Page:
In July, Bhutan launched its first satellite from the International Space Station, joining a growing list of small countries that have successfully sent CubeSats – microsatellites only 10x10x10 centimeters large – into orbit. Bhutan follows Ghana, Mongolia, Estonia, Bangladesh, and Latvia in having sent such a satellite into space — and it won’t be the last country to do so.
Bektour Iskender, a Senior TED Fellow and founder of citizen journalism outlet Kloop, is convinced that Kyrgyzstan could be next. In a Facebook post on September 8 he wrote, “Kyrgyzstan will also join the list [of countries launching CubeSats], only our situation will be special.” While a team of engineers designed Bhutan’s satellite, the CubeSat in development in Bishkek is entirely the work of teenage girls.
Since March 2018, a team of ambitious young women in Kyrgyzstan has been meeting weekly in Kloop’s office (though this week they finally got their own space) to get lessons about basic programming, soldering, and prototyping. It’s no accident that the only people tinkering with the 3D printer or Arduino widgets are young women — Iskender envisioned the Kyrgyz Space Program as a girls-only project to fight gender stereotypes and give girls a chance to make history.Enjoying this article? Click here to subscribe for full access. Just $5 a month.
“We’re fed up with discrimination against girls and women in Kyrgyzstan. We’re fed up with how many girls are raised to be servants,” Kloop wrote in its announcement of the project earlier this year. “We’re tired of hearing tens of thousands of stories of horrifying injustice towards women.”
While several Kyrgyz NGOs have launched media campaigns to get young people invested in gender issues and some parliamentarians have struggled to protect women’s rights through law, Kloop is coming at the problem from a different angle. The Kyrgyz Space Program got to work giving young women the tools and training they need to change the world, one LED light at a time.
Even with a break for summer holidays, the girls have made steady progress. While the Space Program participants develop their tech skills, assisted by local and international trainers (also women), Iskender has been working hard to raise funds to build and launch the microsatellite. Fortunately, it’s cheaper than you might expect to send a CubeSat into space – only about $100,000.
At the moment, the Space Program is entirely supported by crowdfunding. By June 2018, the Space Program had raised about $3,400, enough to buy a 3D printer and some necessary materials for building a prototype. Kloop is hoping to raise another $10,000 this year, a goal that seems within reach for the Space Program. As of September 4, 104 patrons, most of whom Iskender says are locals, contributed almost $900 a month – and the number just keeps growing.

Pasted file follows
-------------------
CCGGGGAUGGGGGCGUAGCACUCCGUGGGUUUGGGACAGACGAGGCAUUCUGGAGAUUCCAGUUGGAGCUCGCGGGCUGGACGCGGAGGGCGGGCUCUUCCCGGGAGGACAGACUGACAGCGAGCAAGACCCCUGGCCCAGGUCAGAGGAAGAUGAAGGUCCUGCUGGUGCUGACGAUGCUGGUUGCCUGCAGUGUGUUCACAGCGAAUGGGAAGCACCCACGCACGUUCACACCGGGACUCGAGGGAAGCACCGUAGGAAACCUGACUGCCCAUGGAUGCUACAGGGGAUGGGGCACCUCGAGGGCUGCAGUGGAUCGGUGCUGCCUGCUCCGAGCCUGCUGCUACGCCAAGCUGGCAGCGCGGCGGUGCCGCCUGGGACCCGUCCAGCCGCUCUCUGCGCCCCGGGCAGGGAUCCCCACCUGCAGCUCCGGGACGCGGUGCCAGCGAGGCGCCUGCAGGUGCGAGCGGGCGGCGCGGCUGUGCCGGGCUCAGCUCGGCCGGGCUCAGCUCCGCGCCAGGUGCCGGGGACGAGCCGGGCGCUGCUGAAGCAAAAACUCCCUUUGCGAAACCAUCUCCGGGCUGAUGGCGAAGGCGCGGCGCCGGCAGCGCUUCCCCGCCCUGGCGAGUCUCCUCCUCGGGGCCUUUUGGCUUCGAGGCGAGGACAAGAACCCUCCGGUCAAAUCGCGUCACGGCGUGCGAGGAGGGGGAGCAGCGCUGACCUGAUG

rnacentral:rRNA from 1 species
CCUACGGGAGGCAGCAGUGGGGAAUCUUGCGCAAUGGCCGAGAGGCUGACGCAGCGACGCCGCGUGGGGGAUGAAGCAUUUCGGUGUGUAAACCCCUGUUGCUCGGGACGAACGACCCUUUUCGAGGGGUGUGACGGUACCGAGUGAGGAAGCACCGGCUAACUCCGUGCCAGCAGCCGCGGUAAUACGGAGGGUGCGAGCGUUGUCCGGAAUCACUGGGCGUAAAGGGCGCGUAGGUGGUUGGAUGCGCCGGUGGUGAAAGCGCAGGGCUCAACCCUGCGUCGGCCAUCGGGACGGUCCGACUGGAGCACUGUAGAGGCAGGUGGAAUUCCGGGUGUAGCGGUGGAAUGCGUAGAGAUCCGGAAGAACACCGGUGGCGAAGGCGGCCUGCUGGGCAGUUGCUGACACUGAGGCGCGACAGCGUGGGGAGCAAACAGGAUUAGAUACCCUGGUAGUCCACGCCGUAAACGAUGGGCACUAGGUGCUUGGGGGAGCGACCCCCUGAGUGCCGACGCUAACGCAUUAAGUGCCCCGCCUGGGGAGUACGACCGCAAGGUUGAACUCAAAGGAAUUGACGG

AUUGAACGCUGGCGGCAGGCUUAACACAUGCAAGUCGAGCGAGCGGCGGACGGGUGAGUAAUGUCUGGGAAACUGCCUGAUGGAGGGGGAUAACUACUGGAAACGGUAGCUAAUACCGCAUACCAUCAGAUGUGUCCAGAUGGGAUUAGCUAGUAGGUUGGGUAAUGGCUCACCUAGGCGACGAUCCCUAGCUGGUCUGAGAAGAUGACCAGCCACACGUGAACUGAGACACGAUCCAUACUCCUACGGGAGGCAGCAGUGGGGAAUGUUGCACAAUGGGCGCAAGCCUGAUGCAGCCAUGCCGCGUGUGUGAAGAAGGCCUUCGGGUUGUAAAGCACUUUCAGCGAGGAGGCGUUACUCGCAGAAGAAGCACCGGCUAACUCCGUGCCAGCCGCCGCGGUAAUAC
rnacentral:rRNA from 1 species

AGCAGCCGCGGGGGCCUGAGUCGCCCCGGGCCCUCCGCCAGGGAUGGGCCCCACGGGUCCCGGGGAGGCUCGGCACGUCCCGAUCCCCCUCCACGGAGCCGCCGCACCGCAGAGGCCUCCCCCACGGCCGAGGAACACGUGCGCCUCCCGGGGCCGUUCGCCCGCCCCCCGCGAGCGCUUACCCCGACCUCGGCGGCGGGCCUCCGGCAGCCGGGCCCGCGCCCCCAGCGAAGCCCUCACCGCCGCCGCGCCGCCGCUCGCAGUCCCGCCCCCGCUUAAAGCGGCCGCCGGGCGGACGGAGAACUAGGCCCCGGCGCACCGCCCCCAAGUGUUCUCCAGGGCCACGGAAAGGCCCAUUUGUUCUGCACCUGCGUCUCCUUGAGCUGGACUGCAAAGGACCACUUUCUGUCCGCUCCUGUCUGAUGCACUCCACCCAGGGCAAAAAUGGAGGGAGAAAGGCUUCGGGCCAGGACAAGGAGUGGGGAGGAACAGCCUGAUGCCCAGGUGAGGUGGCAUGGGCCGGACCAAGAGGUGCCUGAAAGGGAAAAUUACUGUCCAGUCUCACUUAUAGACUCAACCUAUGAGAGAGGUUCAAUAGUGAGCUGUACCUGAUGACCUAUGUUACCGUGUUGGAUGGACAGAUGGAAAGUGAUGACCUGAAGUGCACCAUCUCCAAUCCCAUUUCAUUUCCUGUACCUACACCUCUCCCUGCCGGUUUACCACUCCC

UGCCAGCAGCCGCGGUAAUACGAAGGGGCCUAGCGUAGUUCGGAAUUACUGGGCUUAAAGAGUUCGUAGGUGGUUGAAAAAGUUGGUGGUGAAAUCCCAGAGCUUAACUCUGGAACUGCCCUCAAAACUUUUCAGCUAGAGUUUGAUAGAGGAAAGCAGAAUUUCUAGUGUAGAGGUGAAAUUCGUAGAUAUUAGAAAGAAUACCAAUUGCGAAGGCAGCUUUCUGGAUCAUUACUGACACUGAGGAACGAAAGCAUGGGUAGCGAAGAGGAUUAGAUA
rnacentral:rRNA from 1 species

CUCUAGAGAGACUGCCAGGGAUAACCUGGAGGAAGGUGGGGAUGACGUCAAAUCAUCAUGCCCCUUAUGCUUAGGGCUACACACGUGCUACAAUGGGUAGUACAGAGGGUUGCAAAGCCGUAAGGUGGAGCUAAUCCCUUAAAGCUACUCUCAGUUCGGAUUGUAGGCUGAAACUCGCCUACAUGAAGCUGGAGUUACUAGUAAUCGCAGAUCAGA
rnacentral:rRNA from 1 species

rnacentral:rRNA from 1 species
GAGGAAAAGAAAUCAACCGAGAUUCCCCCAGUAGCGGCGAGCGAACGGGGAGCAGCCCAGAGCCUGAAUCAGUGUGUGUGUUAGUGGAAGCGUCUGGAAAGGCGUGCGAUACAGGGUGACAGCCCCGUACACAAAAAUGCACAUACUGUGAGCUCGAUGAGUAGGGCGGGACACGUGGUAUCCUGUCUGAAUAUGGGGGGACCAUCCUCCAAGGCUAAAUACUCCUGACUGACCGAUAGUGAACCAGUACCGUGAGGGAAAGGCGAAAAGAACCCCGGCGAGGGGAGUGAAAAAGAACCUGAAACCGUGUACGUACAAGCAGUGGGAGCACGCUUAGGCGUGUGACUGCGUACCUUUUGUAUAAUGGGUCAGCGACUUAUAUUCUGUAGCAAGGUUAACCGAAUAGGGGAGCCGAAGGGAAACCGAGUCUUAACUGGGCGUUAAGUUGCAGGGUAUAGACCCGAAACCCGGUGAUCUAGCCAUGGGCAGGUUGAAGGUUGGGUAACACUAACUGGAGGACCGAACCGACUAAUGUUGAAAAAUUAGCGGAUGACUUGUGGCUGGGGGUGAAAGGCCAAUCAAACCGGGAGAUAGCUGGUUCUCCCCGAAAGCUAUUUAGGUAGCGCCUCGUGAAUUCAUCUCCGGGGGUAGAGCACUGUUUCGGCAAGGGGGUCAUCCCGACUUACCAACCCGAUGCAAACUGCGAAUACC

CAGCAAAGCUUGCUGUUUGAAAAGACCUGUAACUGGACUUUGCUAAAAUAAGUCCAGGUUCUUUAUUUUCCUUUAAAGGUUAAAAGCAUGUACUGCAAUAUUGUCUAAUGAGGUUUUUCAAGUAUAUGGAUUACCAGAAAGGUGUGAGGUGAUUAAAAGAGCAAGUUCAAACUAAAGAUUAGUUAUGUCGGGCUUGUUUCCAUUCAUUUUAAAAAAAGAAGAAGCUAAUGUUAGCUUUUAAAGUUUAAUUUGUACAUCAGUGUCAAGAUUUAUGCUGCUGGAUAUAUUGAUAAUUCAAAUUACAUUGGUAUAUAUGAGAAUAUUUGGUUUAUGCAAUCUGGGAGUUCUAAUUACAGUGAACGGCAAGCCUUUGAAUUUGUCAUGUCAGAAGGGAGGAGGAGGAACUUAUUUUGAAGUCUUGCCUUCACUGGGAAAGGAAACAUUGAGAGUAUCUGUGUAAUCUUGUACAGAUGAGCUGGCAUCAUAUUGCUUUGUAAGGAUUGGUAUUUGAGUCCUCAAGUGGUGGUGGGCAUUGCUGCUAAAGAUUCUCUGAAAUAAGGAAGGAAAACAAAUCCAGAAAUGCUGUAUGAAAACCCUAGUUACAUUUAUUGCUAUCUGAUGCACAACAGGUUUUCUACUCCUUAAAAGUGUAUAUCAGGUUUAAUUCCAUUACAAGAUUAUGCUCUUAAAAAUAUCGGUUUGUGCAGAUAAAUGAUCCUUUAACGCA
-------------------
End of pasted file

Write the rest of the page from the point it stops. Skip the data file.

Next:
For now, the Kyrgyz Space Program will remain a private sector project. It hasn’t received funding from any Western initiatives, like ProgrammerAyimdar, another coding program for young women in Kyrgyzstan that’s sponsored by the U.S. Embassy’s Democracy Commission, or even from Kyrgyzstan’s own government. “I think it’s okay when the government sponsors these kinds of initiatives, but that’s not Kyrgyzstan’s case,” Iskender told The Diplomat. “We’ve never been contacted by the government about this.” (Perhaps this is not surprising, given Kloop’s troubled relationship with the current administration.)
Without the luck of natural resource wealth like its neighbors, Kyrgyzstan’s economy is largely fueled by remittances sent from labor migrants working in Russia or Turkey. Given this reality, a growing tech industry in Bishkek would seem to be just the thing Kyrgyzstan’s government would want to support.
Meanwhile, in Baetov — a village in the mountainous and sparsely-populated Naryn region about a 7-hour drive from Bishkek’s 3D printers and consistent internet access — 17-year old Barusman Sharshenbekov has been tackling programming and prototyping projects not so different from the Space Program participants. “I decided to make shepherds’ lives easier, because they don’t always have electricity,” Sharshenbekov told CurrentTimeAsia on August 22. He designed a solar-power kalpak, fitting the traditional wool hat worn by Kyrgyz nomads for centuries with pieces from a flashlight and DVD player to convert sunlight into enough electricity to charge a smartphone.
Sharshenbekov’s DIY tinkering and the girls working with Kyrgyz Space Program share a scrappy determination to make the world a better place through technology. The question of the best path to unlocking that potential — whether it should be driven by the private sector or guided by government efforts — remains yet unanswered.